Of all the things neu­rotyp­ical people said, none of these came up:

1. No one men­tioned that Elise brought the issue up in con­text as it appeared on the news. There was no one who brought up that the status quo, as estab­lished by the com­men­ta­tors on the news sta­tion, was to shout people down. Linda was already enjoying a “heated” polit­ical inter­change.

2. It was never men­tioned that Linda was using ad hominem attacks (char­acter attacks not related to the dis­cus­sion) while Elise was just sticking to the facts, albeit in very direct, atyp­ical lan­guage.

3. Most neu­rotyp­i­cals who responded char­ac­ter­ized Elise’s type of com­mu­ni­ca­tion as ranting, hec­toring, bad­gering, yelling, bul­lying, and aggres­sive, and not one person of any neu­rotype men­tioned the way Linda used char­acter assaults on Elise. No one accused Linda of being aggres­sive or of bul­lying.

4. No one noted that Elise only men­tioned the research she had done in response to her mother accusing her, falsely, of being “brain­washed” (biased) and of fighting any­thing that con­tra­dicted a con­ser­v­a­tive view­point. Elise actu­ally worked very hard to remove her bias before entering the con­ver­sa­tion by reading the law itself instead of someone’s inter­pre­ta­tion of it and by reading objec­tive analyses from experts in mul­tiple fields.

5. No one acknowl­edged that Elise thought about how her par­ents had no retire­ment and little sav­ings, and how her father is sim­ilar to Rick, who has worked sim­ilar hours but is older and his body has suf­fered from the intense labor.

6. There were no men­tions about how Elise saw the Black man speaking about how Rick’s per­spec­tive and the posi­tion of the news orga­ni­za­tion would harm minori­ties, and how that fur­thered Elise’s frus­tra­tion. Elise knew that minority pop­u­la­tions would be helped by the leg­is­la­tion.

7. No one men­tioned the empathy– or lack thereof– of the news sta­tion and the com­men­ta­tors on it.

She thought her mother was stupid…

What most struck me was that many people felt, after reading the article, that Elise believed her mother was stupid, and that Elise thought she was better than her mother. The article states clearly that Elise knows her mother is “very smart.” Here is how sev­eral con­ver­sa­tions I had with my readers went:

Reader: Elise thinks her mother is stupid and that she’s smarter than her mom.
Me: What in the story made you feel that way?
Reader: I don’t know, just the way she talked.
Me: Can you iden­tify any­thing spe­cific that Elise said which made you feel that she thought her mother was stupid?
Reader: Just the overall sense of it. Her mom was just trying to relax, and Elise is yelling.
Me: Did you notice that the article said that Elise finds her mother to be very smart?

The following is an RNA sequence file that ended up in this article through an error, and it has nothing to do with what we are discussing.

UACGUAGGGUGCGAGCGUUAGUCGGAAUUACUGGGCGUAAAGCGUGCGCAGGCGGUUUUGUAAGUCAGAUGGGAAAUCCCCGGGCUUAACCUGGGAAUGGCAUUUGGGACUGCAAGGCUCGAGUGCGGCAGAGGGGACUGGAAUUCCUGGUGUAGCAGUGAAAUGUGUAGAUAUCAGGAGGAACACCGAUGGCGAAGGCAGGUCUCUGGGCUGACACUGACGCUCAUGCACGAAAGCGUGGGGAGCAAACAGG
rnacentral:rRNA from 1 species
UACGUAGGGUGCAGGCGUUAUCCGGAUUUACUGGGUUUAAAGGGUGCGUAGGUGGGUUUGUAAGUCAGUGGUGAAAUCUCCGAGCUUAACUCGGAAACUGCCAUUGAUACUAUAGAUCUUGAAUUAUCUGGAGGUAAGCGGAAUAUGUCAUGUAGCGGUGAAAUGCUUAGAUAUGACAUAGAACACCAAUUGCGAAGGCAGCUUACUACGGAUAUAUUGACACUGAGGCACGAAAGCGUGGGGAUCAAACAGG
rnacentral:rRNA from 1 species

Reader: Doesn’t seem like it.

At this point, I could sense that I had cre­ated the same dynamics that were at play with Elise and Linda in the case study from part 1. In trying to define and under­stand per­cep­tions, it was impor­tant to me that I under­stood my readers; how­ever, in asking them to dis­cuss their per­cep­tions, I felt a shift in the tone of the con­ver­sa­tion.

My readers became guarded, careful, and tense, which was some­thing I did not intend to happen, espe­cially since many of them are per­sonal friends and acquain­tances.  All of them had give to me their time and their thoughts, and I was truly grateful.  I didn’t want to offend or harass my readers.  Several just ended the con­ver­sa­tion by let­ting me know that they had some­thing else to do which sud­denly came up. It was a polite way to let me know that they were fin­ished with the dis­cus­sion.

Lastly, and per­haps the most sig­nif­i­cant point of dis­cus­sion, is that a few neu­rotyp­ical people remarked that Elise’s mother, Linda, was just not very smart and would never change. They said that Elise needed to realize that her mother was a lost cause and that argu­ment was just going to damage their rela­tion­ship.

Reflections

If you’ve fol­lowed this far in the series, thank you. The diver­sity of thought with the responses pro­vides tremen­dous oppor­tu­nity to eval­uate pat­terns of per­cep­tions that are socially nuanced and oth­er­wise hard to define.

In the next post in this series, Part 4: Empathy & Philosophy — Different Perspectives  I’ve broken down the responses from autistic people and posited more ques­tions about what that means. In the mean­time, I would love feed­back on the fol­lowing ques­tions. Please leave a com­ment with your thoughts.

1. Do you think the sce­nario would have played out dif­fer­ently if the sub­ject were related to sports and the mother was watching a sports net­work? Or if it were related to crafts, and the mother was watching a DIY net­work?
2. Have your per­spec­tives changed at all as you’ve read through the series? In what ways?
3. What ideas or thoughts have you had in reading this series?
4. What ques­tions do you have, or what ideas would you like to see explored in more detail?